How Government Geologists Recreated the Moon in Flagstaff, Arizona

From July 1969 to December 1972 the astronauts of NASA’s Apollo missions explored the alien landscape of the lunar surface, flag-planting, kangaroo-hopping, shuffling, digging, and Grand Prix-roving across six sites on the Moon. In order to prepare for their off-world adventures though, they needed extensive practice here on Earth so they would be ready to execute the…

Yes, We *Really* Went to the Moon in 1969

The Moon landings weren’t a hoax. Here’s proof.

NASA Releases Thousands of Hours of Apollo 11 Tapes

You’ve undoubtedly heard many times over the historic words uttered by Neil Armstrong when the Apollo 11 LM Eagle touched down in the Sea of Tranquility on July 20, 1969 and when he stepped off the ladder onto the Moon’s dusty, desolate surface later that same day, but the success of the Apollo 11 mission…

This Day in Space History: One Small Step

Note: This is an updated article from 2012. “That’s one small step for a man… one giant leap for mankind.” I’m not sure what else need be said about the significance of what happened on this day in 1969 other than it was a shining moment in human history, and will be — should be…

These Photos Taken from the Moon Show Lots and Lots of Stars

One of the favorite allegations by those who continue to be skeptical of the Apollo moon landings is that there are no stars visible in the photographs taken by the astronauts while they were “supposedly” on the Moon. Now while there’s a rather short but succinct list of why that’s the case (and feel free to review those…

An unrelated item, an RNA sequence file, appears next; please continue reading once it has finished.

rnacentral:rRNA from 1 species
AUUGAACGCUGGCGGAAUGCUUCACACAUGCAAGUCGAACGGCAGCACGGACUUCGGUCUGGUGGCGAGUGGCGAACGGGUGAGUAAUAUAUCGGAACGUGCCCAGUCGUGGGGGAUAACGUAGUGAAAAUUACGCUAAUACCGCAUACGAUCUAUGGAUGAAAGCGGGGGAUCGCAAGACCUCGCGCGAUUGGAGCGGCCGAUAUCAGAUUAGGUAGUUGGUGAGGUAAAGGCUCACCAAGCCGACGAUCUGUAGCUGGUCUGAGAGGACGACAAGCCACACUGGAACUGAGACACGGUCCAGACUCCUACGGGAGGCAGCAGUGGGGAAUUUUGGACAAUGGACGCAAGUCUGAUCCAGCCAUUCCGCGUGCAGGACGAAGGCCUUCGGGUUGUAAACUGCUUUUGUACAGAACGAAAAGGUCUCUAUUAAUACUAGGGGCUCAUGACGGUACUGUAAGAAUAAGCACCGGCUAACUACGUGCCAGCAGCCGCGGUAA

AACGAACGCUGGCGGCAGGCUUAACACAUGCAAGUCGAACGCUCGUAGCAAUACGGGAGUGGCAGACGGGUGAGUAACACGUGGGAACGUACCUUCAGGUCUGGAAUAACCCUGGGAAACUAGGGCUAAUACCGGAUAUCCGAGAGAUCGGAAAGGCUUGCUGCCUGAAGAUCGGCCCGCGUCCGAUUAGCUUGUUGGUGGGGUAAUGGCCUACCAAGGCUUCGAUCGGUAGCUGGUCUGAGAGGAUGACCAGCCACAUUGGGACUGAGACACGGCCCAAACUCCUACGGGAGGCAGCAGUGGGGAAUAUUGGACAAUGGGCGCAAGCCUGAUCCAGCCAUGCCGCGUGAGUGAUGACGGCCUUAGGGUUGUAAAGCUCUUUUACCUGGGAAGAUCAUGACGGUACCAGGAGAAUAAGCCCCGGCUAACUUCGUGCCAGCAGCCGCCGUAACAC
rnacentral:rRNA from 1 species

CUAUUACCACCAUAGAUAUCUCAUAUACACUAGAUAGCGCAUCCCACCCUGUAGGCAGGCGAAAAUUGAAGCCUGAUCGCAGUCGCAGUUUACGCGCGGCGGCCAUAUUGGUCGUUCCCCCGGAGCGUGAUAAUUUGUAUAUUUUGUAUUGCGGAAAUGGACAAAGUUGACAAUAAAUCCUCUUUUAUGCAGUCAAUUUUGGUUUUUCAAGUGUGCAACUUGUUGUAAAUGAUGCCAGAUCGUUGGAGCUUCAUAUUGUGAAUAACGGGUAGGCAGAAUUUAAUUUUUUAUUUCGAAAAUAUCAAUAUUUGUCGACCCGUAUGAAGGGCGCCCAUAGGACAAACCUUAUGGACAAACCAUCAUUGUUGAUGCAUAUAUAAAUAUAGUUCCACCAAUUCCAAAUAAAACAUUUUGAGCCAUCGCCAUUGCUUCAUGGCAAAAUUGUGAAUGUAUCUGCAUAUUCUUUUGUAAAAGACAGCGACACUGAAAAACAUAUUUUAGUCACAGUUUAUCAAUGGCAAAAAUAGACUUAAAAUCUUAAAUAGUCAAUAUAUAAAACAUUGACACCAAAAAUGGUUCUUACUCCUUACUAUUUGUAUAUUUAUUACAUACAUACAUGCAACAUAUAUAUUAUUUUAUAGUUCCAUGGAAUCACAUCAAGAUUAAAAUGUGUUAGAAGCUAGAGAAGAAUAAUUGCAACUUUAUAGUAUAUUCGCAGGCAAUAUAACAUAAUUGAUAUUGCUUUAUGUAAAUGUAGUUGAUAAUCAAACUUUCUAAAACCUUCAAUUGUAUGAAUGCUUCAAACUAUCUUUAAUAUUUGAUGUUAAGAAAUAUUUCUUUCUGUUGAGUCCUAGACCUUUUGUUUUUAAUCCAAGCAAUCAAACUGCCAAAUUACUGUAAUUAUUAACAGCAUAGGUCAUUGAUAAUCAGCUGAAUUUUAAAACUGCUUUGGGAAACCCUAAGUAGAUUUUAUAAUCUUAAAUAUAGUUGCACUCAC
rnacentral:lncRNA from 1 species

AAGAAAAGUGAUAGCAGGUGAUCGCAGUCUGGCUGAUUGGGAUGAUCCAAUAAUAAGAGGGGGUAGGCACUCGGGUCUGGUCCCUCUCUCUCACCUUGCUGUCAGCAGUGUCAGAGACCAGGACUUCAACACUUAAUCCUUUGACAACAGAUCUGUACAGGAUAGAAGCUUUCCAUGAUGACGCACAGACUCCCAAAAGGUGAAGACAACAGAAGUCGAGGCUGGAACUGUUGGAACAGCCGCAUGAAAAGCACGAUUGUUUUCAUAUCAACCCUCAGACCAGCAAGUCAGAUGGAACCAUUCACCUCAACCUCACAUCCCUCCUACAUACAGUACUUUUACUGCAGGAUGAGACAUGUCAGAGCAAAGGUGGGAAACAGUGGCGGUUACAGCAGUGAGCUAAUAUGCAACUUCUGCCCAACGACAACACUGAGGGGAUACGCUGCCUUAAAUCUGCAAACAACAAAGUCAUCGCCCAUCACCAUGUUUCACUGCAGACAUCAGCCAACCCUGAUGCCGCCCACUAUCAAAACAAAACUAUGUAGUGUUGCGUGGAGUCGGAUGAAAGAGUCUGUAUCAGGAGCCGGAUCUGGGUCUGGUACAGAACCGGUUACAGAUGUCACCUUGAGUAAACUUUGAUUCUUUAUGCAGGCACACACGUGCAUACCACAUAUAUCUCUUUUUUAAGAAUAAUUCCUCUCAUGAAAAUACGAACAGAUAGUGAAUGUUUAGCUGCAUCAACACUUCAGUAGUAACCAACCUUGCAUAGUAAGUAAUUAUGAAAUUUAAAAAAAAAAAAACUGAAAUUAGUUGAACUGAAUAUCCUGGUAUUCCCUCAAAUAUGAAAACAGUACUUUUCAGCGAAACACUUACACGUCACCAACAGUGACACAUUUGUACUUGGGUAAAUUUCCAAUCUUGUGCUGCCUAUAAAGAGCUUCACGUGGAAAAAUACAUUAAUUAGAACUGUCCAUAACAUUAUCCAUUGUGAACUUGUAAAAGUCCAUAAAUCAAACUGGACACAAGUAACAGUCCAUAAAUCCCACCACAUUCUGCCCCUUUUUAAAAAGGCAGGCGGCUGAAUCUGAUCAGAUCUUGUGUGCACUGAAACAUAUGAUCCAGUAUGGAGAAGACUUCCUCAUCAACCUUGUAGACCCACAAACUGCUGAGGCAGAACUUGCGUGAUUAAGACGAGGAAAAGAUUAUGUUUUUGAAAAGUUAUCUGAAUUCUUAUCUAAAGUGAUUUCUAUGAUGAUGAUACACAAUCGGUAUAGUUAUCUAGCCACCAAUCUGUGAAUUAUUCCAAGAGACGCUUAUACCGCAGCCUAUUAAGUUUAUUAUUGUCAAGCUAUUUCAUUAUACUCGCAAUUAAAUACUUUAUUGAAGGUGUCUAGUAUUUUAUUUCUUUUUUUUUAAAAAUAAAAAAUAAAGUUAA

Recent Analysis of Apollo Data Proves the Moon is Hollow

New analysis of data acquired by seismometers placed on the Moon’s surface in the early 1970s and laser measurements taken during recent lunar meteor impact events appears to support an ongoing, if unpopular, hypothesis that our Moon is in fact hollow.

2017 NASA Transition Act Includes Plans to Preserve Apollo Sites

From July 1969 to December 1972, 12 American astronauts landed in six different locations on the lunar surface as part of NASA’s Apollo program, leaving their footprints and taking samples and data that are still being used today to learn about the Moon. The Apollo landing sites remain exactly as they were left over four decades ago—footprints, rover tracks,…

50 Years Later: What Happened to Apollo 1?

Today marks the 50th anniversary of one of the worst tragedies to befall NASA: the fire that ignited inside the Apollo 1 (Apollo 204) command module during a test at Kennedy Space Center, claiming the lives of primary crew astronauts Gus Grissom, Ed White, and Roger Chaffee. The event is solemnly remembered every January 27. “We didn’t…

New Analysis of Apollo Data Reveal the Moon is Hollow

New analysis of data acquired by seismometers placed on the Moon’s surface in the early 1970s and laser measurements taken during recent lunar meteor impact events appears to support an ongoing, if unpopular, hypothesis that our Moon is, in fact, hollow.

NASA’s First Fallen: Remembering the Tragedy of Apollo 1

This is a reprint of a post from 2013, updated for the 2016 date. Today marks the 49th anniversary of one of the worst tragedies to befall NASA and human spaceflight: the fire that broke out in the Apollo 204 (later renamed Apollo 1) command module during a test exercise at Kennedy Space Center in…